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Racism in America

Racism in America

Racism in America

Author:

Publisher: Harvard University Press

Isbn 10: 0674251660

Category: History

Number of Pages: 276

Number of Views: 1369

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Racism in America has been the subject of serious scholarship for decades. At Harvard University Press, we’ve had the honor of publishing some of the most influential books on the subject. The excerpts in this volume—culled from works of history, law, sociology, medicine, economics, critical theory, philosophy, art, and literature—are an invitation to understand anti-Black racism through the eyes of our most incisive commentators. Readers will find such classic selections as Toni Morrison’s description of the Africanist presence in the White American literary imagination, Walter Johnson’s depiction of the nation’s largest slave market, and Stuart Hall’s theorization of the relationship between race and nationhood. More recent voices include Khalil Gibran Muhammad on the pernicious myth of Black criminality, Elizabeth Hinton on the link between mass incarceration and 1960s social welfare programs, Anthony Abraham Jack on how elite institutions continue to fail first-generation college students, Mehrsa Baradaran on the racial wealth gap, Nicole Fleetwood on carceral art, and Joshua Bennett on the anti-Black bias implicit in how we talk about animals and the environment. Because the experiences of non-White people are integral to the history of racism and often bound up in the story of Black Americans, we have included writers who focus on the struggles of Native Americans, Latinos, and Asians as well. Racism in America is for all curious readers, teachers, and students who wish to discover for themselves the complex and rewarding intellectual work that has sustained our national conversation on race and will continue to guide us in future years.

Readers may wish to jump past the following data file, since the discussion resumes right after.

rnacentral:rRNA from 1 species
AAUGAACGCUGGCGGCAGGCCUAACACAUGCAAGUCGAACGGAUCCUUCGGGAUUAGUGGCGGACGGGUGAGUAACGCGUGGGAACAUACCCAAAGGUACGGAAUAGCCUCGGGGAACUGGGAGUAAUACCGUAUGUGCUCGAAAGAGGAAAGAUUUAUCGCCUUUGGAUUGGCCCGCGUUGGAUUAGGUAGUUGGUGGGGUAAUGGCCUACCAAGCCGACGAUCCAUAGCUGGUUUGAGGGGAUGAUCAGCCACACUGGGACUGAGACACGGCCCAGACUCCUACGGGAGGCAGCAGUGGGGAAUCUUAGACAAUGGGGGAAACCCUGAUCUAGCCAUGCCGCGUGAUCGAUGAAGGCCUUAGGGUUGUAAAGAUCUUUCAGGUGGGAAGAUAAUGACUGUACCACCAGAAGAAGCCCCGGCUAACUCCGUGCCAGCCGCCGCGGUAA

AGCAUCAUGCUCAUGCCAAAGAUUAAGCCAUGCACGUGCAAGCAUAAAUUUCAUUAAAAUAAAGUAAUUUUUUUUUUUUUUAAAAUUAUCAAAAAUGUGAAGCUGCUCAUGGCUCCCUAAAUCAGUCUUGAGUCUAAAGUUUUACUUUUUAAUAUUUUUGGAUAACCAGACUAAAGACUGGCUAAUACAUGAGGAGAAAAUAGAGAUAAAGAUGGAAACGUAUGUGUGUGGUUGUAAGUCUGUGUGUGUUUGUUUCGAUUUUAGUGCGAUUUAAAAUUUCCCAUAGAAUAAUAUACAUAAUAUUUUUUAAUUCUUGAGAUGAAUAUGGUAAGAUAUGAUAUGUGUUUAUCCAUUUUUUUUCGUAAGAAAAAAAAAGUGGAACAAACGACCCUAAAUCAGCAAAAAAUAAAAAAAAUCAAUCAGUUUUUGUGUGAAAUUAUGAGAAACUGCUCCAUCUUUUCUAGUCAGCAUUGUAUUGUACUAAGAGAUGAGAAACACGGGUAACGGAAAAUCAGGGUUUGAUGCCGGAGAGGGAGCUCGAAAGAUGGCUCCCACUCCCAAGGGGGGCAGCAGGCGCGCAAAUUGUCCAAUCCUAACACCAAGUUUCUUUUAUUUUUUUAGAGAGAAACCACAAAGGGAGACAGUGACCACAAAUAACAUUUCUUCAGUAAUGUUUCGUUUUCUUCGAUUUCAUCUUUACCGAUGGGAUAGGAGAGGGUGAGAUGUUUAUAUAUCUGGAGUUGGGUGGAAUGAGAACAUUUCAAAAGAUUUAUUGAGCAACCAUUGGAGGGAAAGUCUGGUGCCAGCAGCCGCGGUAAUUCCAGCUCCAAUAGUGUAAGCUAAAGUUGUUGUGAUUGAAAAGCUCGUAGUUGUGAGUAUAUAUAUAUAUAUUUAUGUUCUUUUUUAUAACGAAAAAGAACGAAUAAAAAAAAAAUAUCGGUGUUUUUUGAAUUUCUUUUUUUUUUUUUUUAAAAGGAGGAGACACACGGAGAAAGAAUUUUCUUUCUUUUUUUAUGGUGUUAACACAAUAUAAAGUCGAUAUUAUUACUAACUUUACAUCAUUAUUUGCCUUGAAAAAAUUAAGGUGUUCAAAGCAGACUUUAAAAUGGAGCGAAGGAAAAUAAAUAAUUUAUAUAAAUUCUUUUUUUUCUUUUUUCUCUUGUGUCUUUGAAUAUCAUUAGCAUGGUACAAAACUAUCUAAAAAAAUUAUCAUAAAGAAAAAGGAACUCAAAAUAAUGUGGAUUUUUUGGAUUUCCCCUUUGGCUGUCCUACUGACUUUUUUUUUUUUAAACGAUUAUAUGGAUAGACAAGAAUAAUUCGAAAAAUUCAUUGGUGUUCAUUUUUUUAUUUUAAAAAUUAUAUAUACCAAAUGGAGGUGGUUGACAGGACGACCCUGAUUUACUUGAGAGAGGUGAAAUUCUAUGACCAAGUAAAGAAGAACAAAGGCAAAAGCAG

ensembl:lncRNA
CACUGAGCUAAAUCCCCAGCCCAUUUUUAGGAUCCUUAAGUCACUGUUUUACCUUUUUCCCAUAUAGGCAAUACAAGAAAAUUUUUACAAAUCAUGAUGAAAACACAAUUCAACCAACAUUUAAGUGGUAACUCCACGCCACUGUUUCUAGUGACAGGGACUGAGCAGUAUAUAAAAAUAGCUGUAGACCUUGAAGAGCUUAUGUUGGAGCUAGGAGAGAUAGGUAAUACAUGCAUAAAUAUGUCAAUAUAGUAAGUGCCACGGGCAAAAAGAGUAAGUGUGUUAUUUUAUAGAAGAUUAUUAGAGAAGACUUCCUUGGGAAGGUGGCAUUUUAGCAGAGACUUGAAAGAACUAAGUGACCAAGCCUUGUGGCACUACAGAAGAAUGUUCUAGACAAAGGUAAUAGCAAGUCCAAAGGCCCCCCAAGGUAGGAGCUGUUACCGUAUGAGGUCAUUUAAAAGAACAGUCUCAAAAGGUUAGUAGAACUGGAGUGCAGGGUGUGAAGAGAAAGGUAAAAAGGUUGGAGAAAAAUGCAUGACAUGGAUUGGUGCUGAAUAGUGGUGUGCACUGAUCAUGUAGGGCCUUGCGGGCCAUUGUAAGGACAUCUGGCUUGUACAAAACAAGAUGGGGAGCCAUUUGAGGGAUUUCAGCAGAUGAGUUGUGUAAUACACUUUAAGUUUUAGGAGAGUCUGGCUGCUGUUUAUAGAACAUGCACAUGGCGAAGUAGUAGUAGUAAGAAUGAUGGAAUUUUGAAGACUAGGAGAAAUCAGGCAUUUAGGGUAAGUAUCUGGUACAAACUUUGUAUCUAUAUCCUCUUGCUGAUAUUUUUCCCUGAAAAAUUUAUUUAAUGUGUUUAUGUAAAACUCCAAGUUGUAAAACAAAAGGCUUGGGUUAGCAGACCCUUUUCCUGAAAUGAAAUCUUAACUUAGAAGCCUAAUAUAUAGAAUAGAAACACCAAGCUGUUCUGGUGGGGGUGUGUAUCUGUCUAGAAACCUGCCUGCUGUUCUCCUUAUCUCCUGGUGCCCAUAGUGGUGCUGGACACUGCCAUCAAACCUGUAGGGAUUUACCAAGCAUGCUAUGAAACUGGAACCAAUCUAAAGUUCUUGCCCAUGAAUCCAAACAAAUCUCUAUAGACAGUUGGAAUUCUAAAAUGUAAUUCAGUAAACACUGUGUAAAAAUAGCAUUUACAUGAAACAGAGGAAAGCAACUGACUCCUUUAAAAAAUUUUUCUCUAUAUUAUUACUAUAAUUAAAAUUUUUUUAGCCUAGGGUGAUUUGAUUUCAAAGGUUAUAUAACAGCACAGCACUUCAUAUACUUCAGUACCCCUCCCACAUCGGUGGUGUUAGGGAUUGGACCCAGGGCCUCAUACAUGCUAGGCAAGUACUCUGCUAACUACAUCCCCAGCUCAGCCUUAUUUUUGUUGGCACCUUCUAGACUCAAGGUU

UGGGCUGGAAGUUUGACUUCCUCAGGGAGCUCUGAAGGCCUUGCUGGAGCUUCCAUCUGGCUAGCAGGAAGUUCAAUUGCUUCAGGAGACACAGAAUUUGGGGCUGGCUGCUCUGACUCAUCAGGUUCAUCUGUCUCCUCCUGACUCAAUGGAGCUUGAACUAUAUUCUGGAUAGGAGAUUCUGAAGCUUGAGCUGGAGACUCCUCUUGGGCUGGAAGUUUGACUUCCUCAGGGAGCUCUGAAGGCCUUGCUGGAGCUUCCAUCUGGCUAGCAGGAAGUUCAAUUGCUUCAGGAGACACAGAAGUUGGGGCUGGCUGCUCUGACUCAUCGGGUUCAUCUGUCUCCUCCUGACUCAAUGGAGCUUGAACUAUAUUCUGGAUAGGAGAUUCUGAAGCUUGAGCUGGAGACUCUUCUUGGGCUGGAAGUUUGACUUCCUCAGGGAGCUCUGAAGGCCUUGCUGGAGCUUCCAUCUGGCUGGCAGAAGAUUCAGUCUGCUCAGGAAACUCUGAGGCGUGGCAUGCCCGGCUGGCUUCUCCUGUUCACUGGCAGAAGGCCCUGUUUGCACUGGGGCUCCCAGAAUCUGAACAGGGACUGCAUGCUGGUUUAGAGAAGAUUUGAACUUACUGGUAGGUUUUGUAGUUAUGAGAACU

Democracy Matters

Democracy Matters

Democracy Matters

Author: Cornel West

Publisher: Penguin

Isbn 10: 1101655860

Category: Political Science

Number of Pages: 240

Number of Views: 1475

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“Uncompromising and unconventional . . . Cornel West is an eloquent prophet with attitude.” —Newsweek“ West reveals himself as a thinker of dazzling erudition, whose critiques are inevitably balanced by an infectious optimism and magnanimity of spirit.” —The Village Voice In his major bestseller, Race Matters, philosopher Cornel West burst onto the national scene with his searing analysis of the scars of racism in American democracy. Race Matters has become a contemporary classic, still in print after ten years, having sold more than four hundred thousand copies. A mesmerizing speaker with a host of fervidly devoted fans, West gives as many as one hundred public lectures a year and appears regularly on radio and television. Praised by The New York Times for his "ferocious moral vision" and hailed by Newsweek as "an elegant prophet with attitude," he bridges the gap between black and white opinion about the country's problems. In Democracy Matters, West returns to the analysis of the arrested development of democracy-both in America and in the crisis-ridden Middle East. In a strikingly original diagnosis, he argues that if America is to become a better steward of democratization around the world, we must first wake up to the long history of imperialist corruption that has plagued our own democracy. Both our failure to foster peace in the Israeli-Palestinian conflict and the crisis of Islamist anti-Americanism stem largely from hypocrisies in our dealings with the world. Racism and imperial expansionism have gone hand in hand in our country's inexorable drive toward hegemony, and our current militarism is only the latest expression of that drive. Even as we are shocked by Islamic fundamentalism, our own brand of fundamentalism, which West dubs Constantinian Christianity, has joined forces with imperialist corporate and political elites in an unholy alliance, and four decades after the murder of Dr. Martin Luther King, Jr., insidious racism still inflicts debilitating psychic pain on so many of our citizens. But there is a deep democratic tradition in America of impassioned commitment to the fight against imperialist corruptions-the last great expression of which was the civil rights movement led by Dr. King-and West brings forth the powerful voices of that great democratizing tradition in a brilliant and deeply moving call for the revival of our better democratic nature. His impassioned and provocative argument for the revitalization of America's democracy will reshape the terms of the raging national debate about America's role in today's troubled world.